• made visionary contributions to the field of ecological economics
    • connected ecological economic thinking to practical applications
    • created conceptual frameworks and practical solutions to sustainability challenges
    • identified policies and processes that  advance social and environmental sustainability
    • advanced the recognition of scale as an essential part of sustainability
    • advanced distributive justice and social consciousness as an essential part of sustainability
    • contributed to conservation and the just allocation of resources

A list of past Daly Award winners can be found at

Please send nominations to by May 1st. Nominations should include the name, affiliation and contact information of your nominee, and a brief statement describing the nominee’s qualifications for the Herman Daly Award. The Board will review all nominations and select the recipient.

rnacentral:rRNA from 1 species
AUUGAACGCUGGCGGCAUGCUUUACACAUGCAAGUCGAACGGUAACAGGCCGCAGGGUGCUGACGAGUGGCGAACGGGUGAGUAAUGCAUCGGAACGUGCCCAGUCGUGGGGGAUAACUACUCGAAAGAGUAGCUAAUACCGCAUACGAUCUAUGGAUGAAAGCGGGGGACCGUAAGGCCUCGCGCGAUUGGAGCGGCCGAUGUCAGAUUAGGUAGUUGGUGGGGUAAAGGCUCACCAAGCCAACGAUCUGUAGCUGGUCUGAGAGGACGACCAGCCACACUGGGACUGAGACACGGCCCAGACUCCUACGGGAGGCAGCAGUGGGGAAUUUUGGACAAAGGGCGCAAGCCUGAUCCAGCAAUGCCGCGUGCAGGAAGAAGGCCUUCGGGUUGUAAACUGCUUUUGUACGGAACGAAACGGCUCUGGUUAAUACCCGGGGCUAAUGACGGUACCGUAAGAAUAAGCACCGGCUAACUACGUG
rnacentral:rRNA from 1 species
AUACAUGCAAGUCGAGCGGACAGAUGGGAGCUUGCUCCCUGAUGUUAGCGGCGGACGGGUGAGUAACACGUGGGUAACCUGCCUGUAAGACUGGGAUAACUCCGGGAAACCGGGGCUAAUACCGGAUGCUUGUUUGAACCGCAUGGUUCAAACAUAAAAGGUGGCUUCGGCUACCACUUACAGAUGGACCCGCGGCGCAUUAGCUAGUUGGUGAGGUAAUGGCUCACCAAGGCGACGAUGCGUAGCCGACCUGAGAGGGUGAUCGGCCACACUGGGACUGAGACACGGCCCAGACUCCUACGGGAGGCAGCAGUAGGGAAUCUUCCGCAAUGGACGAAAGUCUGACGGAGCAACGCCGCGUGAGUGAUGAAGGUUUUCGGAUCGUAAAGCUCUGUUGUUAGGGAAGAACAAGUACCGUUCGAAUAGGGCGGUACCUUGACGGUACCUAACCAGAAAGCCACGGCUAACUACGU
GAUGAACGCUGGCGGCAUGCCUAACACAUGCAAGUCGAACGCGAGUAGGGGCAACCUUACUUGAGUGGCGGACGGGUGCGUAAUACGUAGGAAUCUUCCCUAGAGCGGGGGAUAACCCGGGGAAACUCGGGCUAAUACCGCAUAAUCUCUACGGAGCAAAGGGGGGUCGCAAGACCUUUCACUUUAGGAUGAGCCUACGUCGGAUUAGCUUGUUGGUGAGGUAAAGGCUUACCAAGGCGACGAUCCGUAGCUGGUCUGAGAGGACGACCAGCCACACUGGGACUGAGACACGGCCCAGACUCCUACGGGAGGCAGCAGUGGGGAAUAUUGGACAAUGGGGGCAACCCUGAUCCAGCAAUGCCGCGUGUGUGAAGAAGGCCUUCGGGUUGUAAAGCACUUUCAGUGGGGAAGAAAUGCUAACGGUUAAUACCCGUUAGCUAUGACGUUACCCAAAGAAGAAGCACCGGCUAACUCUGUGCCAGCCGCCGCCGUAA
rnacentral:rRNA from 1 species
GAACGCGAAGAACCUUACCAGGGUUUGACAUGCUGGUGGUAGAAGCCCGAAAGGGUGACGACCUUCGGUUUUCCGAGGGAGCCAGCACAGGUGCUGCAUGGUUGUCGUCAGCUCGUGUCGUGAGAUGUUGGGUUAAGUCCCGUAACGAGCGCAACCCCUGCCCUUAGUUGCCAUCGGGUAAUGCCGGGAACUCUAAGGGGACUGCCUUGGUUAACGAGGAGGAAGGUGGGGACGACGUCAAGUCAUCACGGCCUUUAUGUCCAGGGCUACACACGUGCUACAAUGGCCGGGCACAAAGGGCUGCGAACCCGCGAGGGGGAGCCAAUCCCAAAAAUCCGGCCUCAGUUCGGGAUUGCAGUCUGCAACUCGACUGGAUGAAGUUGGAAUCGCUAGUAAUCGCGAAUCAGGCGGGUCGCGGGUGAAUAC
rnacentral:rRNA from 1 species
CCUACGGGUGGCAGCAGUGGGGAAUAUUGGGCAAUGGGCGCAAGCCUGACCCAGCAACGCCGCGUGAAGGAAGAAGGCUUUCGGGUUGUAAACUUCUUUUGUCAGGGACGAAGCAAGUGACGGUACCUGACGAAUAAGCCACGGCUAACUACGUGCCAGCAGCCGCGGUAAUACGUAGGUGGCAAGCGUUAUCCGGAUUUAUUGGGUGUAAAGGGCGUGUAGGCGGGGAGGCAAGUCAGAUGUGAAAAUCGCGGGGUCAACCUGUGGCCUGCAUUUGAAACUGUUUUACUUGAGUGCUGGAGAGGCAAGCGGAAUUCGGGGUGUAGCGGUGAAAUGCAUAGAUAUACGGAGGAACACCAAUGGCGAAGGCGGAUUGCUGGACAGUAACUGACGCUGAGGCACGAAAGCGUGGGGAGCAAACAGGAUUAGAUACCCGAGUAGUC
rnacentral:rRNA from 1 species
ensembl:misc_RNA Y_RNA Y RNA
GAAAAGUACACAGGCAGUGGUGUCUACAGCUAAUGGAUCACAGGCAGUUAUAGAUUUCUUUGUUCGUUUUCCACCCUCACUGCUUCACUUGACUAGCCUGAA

• The Bernardo Aguilar Award, was established in 2007 and is given to a person nominated and selected by students. The award was created to recognize a professional who has inspired students through teaching, research, ideas, and/or mentoring in ecological economics.

Please circulate to students! Students can submit nominations to by May 1st. Nominations should include the name, affiliation and contact information of your nominee, and a brief statement describing the nominee’s qualifications for the Bernardo Aguilar Award. The Board will compile the nominations and call for a student vote to select the award winner.

February webinar: Gross Domestic Welfare: Comprehensively Measuring Income

Wednesday February 27th, 1pm EST.

Gross Domestic Welfare: Comprehensively Measuring Income, with pilot accounts for the U.S. and California.